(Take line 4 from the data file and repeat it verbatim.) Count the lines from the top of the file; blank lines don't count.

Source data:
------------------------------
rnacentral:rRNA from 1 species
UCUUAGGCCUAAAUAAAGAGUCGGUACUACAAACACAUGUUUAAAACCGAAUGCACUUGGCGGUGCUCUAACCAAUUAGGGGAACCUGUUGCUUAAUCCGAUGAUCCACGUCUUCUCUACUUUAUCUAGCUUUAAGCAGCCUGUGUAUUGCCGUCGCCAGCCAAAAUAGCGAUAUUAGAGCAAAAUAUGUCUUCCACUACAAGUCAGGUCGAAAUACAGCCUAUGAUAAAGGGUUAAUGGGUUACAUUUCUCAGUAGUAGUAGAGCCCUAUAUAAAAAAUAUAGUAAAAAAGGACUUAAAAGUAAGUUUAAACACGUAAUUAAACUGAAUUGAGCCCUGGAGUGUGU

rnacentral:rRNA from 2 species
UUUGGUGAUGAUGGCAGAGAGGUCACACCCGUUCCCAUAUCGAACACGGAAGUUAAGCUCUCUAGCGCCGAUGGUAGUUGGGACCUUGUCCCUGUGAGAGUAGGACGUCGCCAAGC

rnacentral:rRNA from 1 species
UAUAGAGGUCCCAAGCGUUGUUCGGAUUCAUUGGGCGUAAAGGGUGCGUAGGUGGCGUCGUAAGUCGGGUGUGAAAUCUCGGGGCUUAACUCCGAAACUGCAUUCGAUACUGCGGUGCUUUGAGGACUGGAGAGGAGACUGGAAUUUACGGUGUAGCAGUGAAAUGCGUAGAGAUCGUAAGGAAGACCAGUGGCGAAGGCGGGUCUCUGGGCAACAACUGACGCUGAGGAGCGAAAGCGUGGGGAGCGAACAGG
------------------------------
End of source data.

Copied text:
UUUGGUGAUGAUGGCAGAGAGGUCACACCCGUUCCCAUAUCGAACACGGAAGUUAAGCUCUCUAGCGCCGAUGGUAGUUGGGACCUUGUCCCUGUGAGAGUAGGACGUCGCCAAGC